Broadcast Programme Tibet International Assignment 1985
In 1985, I was one of a small number of Beijing/Peking-based Western journalists to travel to Tibet in one of the first such groups in many years to be allowed into the province to report.
This was at the height of China’s pre-Tiananmen Square opening up – and it was an extraordinary trip. (For a comprehensive set of photos from the trip, see the links at the bottom of this page).
Lhasa was still very basic and undeveloped, and after the horrors of the 1960s Cultural Revolution which saw more than 90% of Tibet’s monasteries and temples destroyed, the various religious sites in and around Lhasa were being slowly rebuilt.
Ganden was particularly chilling – razed to the ground some 20 years earlier as mortar target practice for the Chinese People’s Liberation Army.
Tibet suffered terribly in the years of Maoist fanaticism, and to a first-time visitor, there was grief in the very wind that blew across the plateau.
The Chinese were ready to admit that bad things had happened. But they would very quickly point out that bad things happened throughout China, not just in Tibet – soothing and pushing aside a responsibility that few Chinese have ever comfortably acknowledged for the ferocity of what was done to Tibet.
In 1985, we (that was Jim Pringle, then I think of Newsweek, and his wife Milly; Anthony Barker of the Reuters bureau in Peking; Mary Lee of The Times; and Hugh Davies of the Daily Telegraph and his lovely then wife Liz) were up very early one day to witness the sky burial where the Tibetans feed their dead to the vultures and release their souls to heaven.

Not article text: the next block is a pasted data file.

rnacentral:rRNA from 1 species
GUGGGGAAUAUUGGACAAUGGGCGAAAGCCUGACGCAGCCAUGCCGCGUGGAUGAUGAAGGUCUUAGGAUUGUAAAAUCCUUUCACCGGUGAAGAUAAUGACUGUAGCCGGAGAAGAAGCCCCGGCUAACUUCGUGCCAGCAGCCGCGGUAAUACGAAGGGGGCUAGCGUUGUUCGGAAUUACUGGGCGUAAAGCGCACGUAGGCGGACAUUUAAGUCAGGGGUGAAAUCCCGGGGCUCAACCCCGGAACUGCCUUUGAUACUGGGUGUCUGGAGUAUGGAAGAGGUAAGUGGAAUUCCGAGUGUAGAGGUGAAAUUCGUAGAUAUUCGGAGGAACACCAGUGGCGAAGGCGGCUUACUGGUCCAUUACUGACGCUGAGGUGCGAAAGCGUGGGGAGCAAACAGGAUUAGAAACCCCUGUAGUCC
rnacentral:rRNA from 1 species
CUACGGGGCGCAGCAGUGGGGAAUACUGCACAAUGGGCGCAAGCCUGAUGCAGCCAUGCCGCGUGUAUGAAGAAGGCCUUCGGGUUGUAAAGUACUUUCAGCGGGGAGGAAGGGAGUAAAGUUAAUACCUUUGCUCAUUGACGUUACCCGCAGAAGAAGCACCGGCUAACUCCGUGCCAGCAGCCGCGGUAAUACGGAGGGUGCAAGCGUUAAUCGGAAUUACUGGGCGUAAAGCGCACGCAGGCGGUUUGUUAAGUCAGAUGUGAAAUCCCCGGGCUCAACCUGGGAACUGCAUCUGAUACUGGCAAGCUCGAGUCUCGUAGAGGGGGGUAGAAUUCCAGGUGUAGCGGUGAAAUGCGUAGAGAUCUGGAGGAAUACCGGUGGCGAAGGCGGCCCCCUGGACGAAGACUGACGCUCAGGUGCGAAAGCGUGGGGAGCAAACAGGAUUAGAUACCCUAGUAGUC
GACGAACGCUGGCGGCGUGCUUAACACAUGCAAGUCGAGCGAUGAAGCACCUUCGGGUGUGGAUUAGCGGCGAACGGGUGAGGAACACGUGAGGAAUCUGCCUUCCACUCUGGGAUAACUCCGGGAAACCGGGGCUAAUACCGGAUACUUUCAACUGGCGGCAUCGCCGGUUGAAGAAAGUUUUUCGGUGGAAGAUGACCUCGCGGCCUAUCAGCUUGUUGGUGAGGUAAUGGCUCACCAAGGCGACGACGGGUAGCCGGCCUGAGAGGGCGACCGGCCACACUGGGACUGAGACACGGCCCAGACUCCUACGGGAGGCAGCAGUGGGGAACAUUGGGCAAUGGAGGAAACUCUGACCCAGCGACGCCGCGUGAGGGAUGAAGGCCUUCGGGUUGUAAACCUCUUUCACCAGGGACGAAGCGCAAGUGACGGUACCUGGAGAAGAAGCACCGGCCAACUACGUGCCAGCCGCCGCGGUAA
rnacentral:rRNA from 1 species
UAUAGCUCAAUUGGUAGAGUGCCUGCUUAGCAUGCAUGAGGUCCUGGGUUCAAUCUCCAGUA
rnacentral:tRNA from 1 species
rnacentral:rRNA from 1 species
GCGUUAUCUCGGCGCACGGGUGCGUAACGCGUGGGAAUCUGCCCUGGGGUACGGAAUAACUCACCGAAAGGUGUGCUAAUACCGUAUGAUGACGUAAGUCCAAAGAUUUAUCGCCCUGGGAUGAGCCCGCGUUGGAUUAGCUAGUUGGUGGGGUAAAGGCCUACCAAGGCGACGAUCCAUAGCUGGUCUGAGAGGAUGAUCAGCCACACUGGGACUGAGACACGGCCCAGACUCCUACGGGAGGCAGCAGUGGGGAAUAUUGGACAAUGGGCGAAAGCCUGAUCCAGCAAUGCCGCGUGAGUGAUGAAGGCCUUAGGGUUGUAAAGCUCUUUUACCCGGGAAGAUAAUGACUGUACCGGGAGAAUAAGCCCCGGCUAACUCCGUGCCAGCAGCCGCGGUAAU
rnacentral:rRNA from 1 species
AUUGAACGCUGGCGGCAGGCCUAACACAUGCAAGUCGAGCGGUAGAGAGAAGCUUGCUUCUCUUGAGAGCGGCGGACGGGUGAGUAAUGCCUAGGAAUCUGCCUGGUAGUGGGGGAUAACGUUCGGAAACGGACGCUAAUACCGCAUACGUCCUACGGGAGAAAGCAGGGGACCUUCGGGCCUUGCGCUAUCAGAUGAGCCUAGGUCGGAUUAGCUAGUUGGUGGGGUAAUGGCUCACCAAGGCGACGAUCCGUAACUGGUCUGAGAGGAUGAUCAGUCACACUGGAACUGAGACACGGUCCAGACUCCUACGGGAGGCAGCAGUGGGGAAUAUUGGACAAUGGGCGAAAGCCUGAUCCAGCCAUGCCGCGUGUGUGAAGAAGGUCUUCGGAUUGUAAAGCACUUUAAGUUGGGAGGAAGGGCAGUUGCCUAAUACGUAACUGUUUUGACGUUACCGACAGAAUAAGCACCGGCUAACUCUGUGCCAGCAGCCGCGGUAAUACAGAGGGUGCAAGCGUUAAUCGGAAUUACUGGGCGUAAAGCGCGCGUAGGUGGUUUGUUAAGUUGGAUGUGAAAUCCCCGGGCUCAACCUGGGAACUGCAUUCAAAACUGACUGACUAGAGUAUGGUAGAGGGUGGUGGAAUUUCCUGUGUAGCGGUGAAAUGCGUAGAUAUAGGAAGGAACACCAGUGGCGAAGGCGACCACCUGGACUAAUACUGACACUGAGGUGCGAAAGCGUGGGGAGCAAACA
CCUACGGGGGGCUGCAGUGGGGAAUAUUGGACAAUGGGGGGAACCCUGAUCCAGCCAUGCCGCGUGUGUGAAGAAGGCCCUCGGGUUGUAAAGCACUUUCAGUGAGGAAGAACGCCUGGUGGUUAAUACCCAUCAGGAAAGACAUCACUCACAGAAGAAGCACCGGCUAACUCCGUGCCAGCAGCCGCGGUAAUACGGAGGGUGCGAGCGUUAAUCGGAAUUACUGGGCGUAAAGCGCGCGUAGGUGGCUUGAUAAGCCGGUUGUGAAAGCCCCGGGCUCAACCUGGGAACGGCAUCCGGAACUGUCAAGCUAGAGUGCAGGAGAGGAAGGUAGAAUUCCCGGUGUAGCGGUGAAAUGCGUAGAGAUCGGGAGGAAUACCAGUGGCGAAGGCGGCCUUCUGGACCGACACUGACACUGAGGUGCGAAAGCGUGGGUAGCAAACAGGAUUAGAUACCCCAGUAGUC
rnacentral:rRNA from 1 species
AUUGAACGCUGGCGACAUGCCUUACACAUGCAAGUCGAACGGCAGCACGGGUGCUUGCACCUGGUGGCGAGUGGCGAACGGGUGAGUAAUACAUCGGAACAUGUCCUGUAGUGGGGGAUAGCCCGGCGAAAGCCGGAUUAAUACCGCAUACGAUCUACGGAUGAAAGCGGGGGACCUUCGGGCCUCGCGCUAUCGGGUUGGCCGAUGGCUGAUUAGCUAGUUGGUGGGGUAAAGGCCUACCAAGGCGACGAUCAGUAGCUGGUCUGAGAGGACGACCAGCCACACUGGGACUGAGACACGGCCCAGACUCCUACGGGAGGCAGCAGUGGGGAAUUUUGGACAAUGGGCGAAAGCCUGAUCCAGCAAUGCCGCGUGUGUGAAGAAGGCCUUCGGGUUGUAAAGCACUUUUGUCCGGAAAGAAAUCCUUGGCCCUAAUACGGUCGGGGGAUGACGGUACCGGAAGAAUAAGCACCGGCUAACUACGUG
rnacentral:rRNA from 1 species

We motored on dust roads across the 12,000 foot plateau to Everest base camp at the then-still-devastated Rongbuk monastery, and departed Tibet down the long road drop into Kathmandu at a miserly, wet and oxygen-rich 6000 feet.
I should not – as Anthony rightly remarked when he heard the feature later- have broadcast the vox pop clip of a young Tibetan man saying he wanted Tibetan independence – xizang duli. That was a breach of confidence, and for nearly 30 years, I have hoped that he came to no harm.
But as a piece of radio – completed in frantic haste as the always last-minute Adam finished editing the second tape reel as the first was already on air – it’s one of my favourites from my postings as BBC correspondent.